Plainfield’s Mayur has scored a number of
local firsts through the years. Back in the 1980s, it was first
to use the authentic heat-blasted tandoori oven, creating distinctive
dishes that simply can’t be produced in a regular oven.
At the same time, the owners moved Indian cuisine beyond simple
dishes from the subcontinent to elegant – and expensive
– regal feasts in a beautiful Victorian house filled with
ornate Indian artifacts and pristine tables.
But in the early 90s, Plainfield’s stumbled on its own groundbreaking
format, developing a deadly reputation for snooty service and
overpriced dishes that lacked the original spark.
Judging by several recent visits, it’s clear that Plainfield’s
is back and ready to be a serious player again. The kitchen has
regained a firm footing, producing dynamite dishes of tender meats
cradled in complex sauces, plus an impressive selection of creative
appetizers and vegetarian dishes.
And while the servers still sport elite-looking black ties and
cummerbunds, all other traces of snobbery have vanished. Plainfield’s
crew seems genuinely glad to have you back into their fold –
and would you like another spot of chai tea to go with that goodwill?
The feeling goes a long way, but not nearly as far as the usually
Appetizers are interesting and strong. Dahi wada kicks meals off
with one of the kitchen’s most –interesting sauces:
golf ball sized bits of nutty lentils are fried, then doused in
a yogurt sauce rich with ginger and coriander. They pair nicely
with vegetarian samosas, flaky triangles pf pastry filled with
soft bits of potato and spices, or spice-coated prawns sautéed
in butter and coated with a slightly sweet masala sauce.
From there, things get even more interesting, with
dished like a yogurt marinaded tandoori rack of lamb, duck breast
in almond sauce or a velvet butter chicken with smoky overtones
competing for attention. All are worth knowing, as are two shellfish
standouts: masala malai pairs silver dollor sized scallops with
mushroom caps in a thick sauce rich with onions, cream and garlic;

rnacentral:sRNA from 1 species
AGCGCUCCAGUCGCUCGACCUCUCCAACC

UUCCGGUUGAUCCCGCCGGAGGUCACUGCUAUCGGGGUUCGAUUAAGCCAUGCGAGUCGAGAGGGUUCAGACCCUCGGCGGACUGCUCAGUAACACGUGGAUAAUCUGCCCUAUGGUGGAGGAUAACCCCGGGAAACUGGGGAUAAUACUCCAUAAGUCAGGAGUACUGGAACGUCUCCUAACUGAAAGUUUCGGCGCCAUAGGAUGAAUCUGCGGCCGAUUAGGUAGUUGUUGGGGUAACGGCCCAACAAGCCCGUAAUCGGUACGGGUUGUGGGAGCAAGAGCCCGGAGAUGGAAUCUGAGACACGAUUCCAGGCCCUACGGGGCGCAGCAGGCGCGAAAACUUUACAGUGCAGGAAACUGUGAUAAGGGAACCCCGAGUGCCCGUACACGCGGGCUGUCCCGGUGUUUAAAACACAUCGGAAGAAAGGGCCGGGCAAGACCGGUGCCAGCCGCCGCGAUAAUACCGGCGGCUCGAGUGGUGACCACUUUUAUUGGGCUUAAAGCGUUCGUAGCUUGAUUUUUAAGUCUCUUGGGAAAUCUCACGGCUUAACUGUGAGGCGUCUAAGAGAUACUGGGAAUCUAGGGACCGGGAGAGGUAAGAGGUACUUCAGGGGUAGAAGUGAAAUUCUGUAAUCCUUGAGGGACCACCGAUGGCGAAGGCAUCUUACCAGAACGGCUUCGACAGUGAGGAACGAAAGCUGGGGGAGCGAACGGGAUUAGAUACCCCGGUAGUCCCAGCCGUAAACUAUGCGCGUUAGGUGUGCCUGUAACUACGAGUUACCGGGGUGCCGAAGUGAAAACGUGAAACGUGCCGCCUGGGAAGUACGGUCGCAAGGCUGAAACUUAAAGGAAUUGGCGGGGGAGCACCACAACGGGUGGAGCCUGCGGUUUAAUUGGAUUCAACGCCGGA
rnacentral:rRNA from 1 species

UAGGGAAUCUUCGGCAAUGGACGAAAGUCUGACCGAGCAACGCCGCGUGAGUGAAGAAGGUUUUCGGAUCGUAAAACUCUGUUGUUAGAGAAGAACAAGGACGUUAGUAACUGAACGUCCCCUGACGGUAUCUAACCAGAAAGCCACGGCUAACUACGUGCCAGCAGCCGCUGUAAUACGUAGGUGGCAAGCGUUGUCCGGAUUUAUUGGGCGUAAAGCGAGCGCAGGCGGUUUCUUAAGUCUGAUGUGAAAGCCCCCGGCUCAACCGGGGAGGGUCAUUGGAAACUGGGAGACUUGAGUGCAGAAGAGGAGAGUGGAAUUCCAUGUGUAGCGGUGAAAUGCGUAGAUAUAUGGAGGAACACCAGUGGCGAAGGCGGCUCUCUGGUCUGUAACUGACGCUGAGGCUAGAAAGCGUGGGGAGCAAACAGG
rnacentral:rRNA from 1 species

jhinga malia teams sautéed prawns and onions with a sauce
fueled by coconut milk, raisins and almonds.
Vegetarians will find many options, too, from balls of Indian
cheese stuffed with raisins and pistachios, to spicy fried okra
in a delicate sesame sauce. But with meatless options running
$14.95-$17.95, they won’t find any bargains, either.
But what a wine list it is, ranking among the city’s
finest: several hundred bottles are drawn from respected vintners,
with particular emphasis on California and Northwest cabernets.
Its an impressive collection – well worth studying while
waiting for appetizers to arrive – and reflects the personal
tastes of the owner. But it may not match the tastes of most diners.
Lighter German and Australian wines, not heavy reds, are a better
match for the fire and spice of the Indian cuisine and white varieties
from these regions get only small representation here. With prices
ranging from around $25 to $750, servers should offer specific
recommendations on which vintages pair best with ordered entrees,
but little guidance is given. Ordering wine blindly is an expensive
Plainfield’s after-dinner wine list is where
the fruits of the vine most shine. A strong list of sherries and
ports is outdone only by a world class selection of Madeiras,
some vintages dating back to the 18th century. Glasses are poured
by the ounce, and most one – ounce pours are priced around
$15. For Madeira newcomers, it sounds like a lot to pay for an
experiment, but given the quality of the list, its one that can
be done with great confidence.
And what better way to toast Plainfield’s return as one
of the Portland’s most distinctive restaurants that with
a glass of something at once rich, rare and rarefied. Like its
tasty masalas and choice sips, this is a place to be savored.
Style of cooking
– Upscale Indian.
Think of it as the Taj Mahal morphed into a Pacific Northwest
Must have dishes
– Startes of Dahi wada, fried lentil balls and vegetarian
samosas; light and chewy naan, an oven baked flatbread; scallops
in a spicy cream sauce; prawns in saffron and almond sauce; ginger
and mint-scented tandoori rack of lamb; creamy spiced okra; mango
cheese cake and a rose scented ice cream.
– About eight entrees.
– Complex seasonings in sauces give dishes distinctive richness;
ambitious entrees you won’t find at other Indian restaurants;
the selection of Madeira dessert wine is the best in town.
Serious checks – dinner for two with an in-expensive bottle
of wine easily can top $100; the wine list; while impressive,
offers few bargains, and server’s don’t always offer
clear advice on pairing wines by Indian cuisine.
– Expensive, entrees $15.95 - $24.95
223 – 2995
852 S.W. 21st Ave.